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Democrats in push to impeach Trump before he departs

Incitement of insurrection’ charge following riot


President-elect Joe Biden (Susan Walsh/AP)

President-elect Joe Biden (Susan Walsh/AP)

President-elect Joe Biden (Susan Walsh/AP)

Plans to impeach President Donald Trump from office are gathering pace with the House of Representatives warning he is a threat to US democracy – and pressing Vice President Mike Pence to act.

Mr Trump faces a single charge – “incitement of insurrection” – after the deadly Capitol riot in an impeachment resolution the House will begin debating today.

At the same time, the FBI warned ominously of potential armed protests in Washington and many states by Trump loyalists ahead of President-elect Joe Biden’s inauguration on January 20. In a dark foreshadowing, the Washington Monument was closed to the public amid the threats of disruption. Acting Homeland Security Secretary Chad Wolf abruptly resigned.

Democrats and a growing number of Republicans declare Mr Trump is unfit for office and could do more damage after inciting the mob that violently ransacked the Capitol last Wednesday.

“President Trump gravely endangered the security of the United States and its institutions of Government,” reads the four-page impeachment bill.

“He will remain a threat to national security, democracy, and the Constitution if allowed to remain in office.”

House Speaker Nancy Pelosi is summoning members of Congress back to Washington for votes – and Democrats aren’t the only ones who say Mr Trump needs to go.

Republican senators Pat Toomey and Lisa Murkowski called for Mr Trump to “go away as soon as possible”.

Liz Cheney encouraged her Republican colleagues in the House to “vote your conscience”. She has spoken critically of Mr Trump’s actions but has not said publicly how she will vote.

Pending impeachment, Democrats also called on Mr Pence and the cabinet to invoke their constitutional authority under the 25th Amendment to remove Mr Trump from office before inauguration day.

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Ms Pelosi said Mr Pence will have 24 hours to respond. Next would be the impeachment proceedings.

The vice-president has given no indication he is ready to invoke the 25th Amendment.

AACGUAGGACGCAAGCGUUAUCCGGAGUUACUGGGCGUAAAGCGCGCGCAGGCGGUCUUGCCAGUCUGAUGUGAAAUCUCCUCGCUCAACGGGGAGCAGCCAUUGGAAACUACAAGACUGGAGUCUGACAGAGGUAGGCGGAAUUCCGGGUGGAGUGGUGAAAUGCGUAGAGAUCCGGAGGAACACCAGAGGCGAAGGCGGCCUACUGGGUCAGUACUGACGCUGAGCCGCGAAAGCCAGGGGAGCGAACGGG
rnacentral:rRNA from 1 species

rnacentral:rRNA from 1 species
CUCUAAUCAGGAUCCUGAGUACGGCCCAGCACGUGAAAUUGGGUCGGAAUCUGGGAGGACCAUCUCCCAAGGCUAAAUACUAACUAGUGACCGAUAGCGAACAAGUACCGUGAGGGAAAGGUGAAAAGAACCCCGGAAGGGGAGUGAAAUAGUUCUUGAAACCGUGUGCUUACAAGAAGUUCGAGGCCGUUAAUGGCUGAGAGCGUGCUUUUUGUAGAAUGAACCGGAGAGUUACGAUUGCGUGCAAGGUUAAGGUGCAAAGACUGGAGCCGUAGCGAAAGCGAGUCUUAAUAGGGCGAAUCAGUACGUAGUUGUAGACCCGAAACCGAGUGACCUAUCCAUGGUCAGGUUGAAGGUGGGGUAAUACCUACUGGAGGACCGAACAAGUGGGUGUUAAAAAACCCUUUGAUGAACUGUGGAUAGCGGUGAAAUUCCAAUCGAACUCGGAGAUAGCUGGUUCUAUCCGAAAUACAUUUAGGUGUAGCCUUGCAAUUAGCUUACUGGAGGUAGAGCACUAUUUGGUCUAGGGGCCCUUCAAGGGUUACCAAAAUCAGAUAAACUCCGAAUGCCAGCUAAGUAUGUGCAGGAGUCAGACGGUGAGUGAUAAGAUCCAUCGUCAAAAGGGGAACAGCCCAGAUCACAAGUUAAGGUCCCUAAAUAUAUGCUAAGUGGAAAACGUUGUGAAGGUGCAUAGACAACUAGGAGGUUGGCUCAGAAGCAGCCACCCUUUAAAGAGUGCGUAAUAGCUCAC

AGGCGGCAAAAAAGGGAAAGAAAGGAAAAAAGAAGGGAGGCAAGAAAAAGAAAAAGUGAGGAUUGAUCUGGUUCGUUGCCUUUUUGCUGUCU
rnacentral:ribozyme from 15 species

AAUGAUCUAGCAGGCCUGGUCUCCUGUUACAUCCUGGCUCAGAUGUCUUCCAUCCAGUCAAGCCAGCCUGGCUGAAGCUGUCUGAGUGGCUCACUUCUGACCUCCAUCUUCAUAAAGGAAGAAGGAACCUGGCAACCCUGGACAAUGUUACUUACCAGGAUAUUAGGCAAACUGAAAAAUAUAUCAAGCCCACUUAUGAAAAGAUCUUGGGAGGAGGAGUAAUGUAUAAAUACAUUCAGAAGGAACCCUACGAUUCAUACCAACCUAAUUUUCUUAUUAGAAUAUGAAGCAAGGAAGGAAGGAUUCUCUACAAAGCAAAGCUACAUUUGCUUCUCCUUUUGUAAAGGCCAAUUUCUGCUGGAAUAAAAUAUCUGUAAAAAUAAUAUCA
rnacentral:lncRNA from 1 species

He met Mr Trump late on Monday for the first time since the Capitol attack, a senior administration official said.

Mr Trump and Mr Pence had a “good conversation” in the Oval Office discussing the week ahead and they pledged to continue working for the remainder of their terms.

No member of the Cabinet has publicly called for Mr Trump to be removed from office through the 25th Amendment.

As security tightened, Mr Biden said he was “not afraid” of taking the oath of office outside, as is traditionally done at the Capitol’s west steps, one of the areas where people stormed the building.

As for the rioters, Mr Biden said, “It is critically important that there’ll be a real serious focus on holding those folks who engaged in sedition and threatening the lives, defacing public property, caused great damage – that they be held accountable.”

Mr Biden said he has had conversations with senators ahead of a possible impeachment trial, which some have worried would cloud the opening days of his administration.

Senate Democratic leader Chuck Schumer was exploring ways to immediately convene the Senate for the trial as soon as the House acts, though Republican leader Mitch McConnell would need to agree.

The president-elect suggested splitting the Senate’s time, perhaps “go a half day on dealing with impeachment, a half day on getting my people nominated and confirmed in the Senate, as well as moving on the package” for more Covid relief.

As Congress briefly resumed on Monday, an uneasiness swept government. More politicians tested positive for Covid-19 after sheltering during the siege.

New security officials were installed after the Capitol police chief and others were sacked. Some Republicans, including Missouri Senator Josh Hawley, faced a public backlash for their efforts on the day of the riot for trying to overturn Mr Biden’s election.

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